“This is the first time in the history of Tunisia that a woman has led a government,” Saied said as he met with Romdhan on Wednesday, according to a video from the president’s office. “It is an honor to Tunisia and Tunisian women.”
The 63-year-old Romdhan served in the ministry of higher education in 2011, according to Tunisia’s privately owned Mosaique FM.
Romdhan will take office at a moment of crisis, with the democratic gains won in the 2011 revolution in doubt and as a major threat looms to public finances, though there are questions about how much power she will have.
In July, Saied ousted the government and froze the activities of the parliament led by the moderate Islamist Ennahda party, a move his foes labelled a coup. Last week he brushed aside much of the constitution, saying he could rule by decree and control the government himself during an emergency period that has no defined endpoint.
Tunisia faces a rapidly looming crisis in public finances after years of economic stagnation were aggravated by the coronavirus pandemic and political infighting. Government bonds are under pressure and the cost of insuring against their default has hit a record high.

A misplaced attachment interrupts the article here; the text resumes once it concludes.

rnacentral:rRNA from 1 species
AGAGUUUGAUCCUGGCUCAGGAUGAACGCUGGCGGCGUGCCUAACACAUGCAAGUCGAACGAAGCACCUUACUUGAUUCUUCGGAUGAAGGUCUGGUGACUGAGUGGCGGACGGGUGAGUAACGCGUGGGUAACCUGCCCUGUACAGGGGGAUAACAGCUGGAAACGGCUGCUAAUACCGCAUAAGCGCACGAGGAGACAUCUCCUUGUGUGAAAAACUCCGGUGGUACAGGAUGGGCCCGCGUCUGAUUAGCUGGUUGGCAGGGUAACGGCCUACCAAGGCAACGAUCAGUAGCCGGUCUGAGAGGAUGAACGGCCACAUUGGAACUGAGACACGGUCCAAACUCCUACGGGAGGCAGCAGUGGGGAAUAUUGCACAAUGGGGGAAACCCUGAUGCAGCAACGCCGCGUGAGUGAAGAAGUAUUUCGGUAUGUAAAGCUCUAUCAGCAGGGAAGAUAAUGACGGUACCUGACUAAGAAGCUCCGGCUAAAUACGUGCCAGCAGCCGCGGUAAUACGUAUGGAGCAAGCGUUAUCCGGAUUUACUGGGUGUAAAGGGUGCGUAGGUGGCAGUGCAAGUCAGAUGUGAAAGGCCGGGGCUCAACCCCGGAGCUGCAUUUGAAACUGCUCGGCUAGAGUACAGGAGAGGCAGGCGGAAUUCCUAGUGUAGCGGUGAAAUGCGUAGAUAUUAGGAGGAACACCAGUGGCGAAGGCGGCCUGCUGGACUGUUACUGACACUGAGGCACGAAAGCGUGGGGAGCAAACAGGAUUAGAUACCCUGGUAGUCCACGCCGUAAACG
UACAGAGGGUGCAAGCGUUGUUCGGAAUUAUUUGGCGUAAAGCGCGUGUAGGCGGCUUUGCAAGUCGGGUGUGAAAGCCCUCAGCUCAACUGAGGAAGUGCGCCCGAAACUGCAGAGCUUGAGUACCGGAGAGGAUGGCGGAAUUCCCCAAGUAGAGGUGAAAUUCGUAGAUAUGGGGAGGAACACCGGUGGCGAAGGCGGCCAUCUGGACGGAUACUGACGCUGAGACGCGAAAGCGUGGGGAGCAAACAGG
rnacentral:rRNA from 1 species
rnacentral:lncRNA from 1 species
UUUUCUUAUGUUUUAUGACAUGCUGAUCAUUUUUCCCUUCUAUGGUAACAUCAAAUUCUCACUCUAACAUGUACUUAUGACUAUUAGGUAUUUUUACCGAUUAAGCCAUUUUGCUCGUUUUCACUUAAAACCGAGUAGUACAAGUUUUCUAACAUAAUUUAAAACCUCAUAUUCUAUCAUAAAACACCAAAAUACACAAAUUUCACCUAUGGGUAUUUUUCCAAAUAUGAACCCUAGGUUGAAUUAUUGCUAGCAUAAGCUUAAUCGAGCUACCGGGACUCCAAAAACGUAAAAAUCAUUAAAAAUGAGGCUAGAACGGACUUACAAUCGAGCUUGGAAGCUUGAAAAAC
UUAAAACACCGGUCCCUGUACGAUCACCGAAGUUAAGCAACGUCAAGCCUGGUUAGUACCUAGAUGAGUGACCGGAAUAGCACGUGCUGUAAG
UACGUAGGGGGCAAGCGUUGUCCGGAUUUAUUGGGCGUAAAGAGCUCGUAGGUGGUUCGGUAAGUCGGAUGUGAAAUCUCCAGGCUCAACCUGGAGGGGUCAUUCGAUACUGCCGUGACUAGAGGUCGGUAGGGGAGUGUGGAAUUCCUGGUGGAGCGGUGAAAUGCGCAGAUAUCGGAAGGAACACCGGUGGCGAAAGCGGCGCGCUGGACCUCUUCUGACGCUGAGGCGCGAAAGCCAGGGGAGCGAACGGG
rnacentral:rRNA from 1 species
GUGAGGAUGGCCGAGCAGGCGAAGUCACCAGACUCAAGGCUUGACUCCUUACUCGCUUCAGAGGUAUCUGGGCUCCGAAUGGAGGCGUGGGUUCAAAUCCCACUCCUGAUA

The new government will have to move very quickly to seek financial support for the budget and debt repayments after Saied’s power grab in July put talks with the International Monetary Fund (IMF) on hold.
However, after Saied’s announcement last week that the government will be responsible to the president and that he can select or sack cabinet ministers, the role of prime minister will be less important than in previous administrations.
Tunisia has faced a spike in Covid-19 cases and growing anger over chronic political dysfunction and economic malaise. Hundreds of Tunisians took to the streets of the capital last weekend to protest Saied’s power grab.
“We will work on ending corruption and chaos that has taken over the country’s institutions … we have wasted a lot of time,” Saied said during his meeting with Romdhan on Wednesday.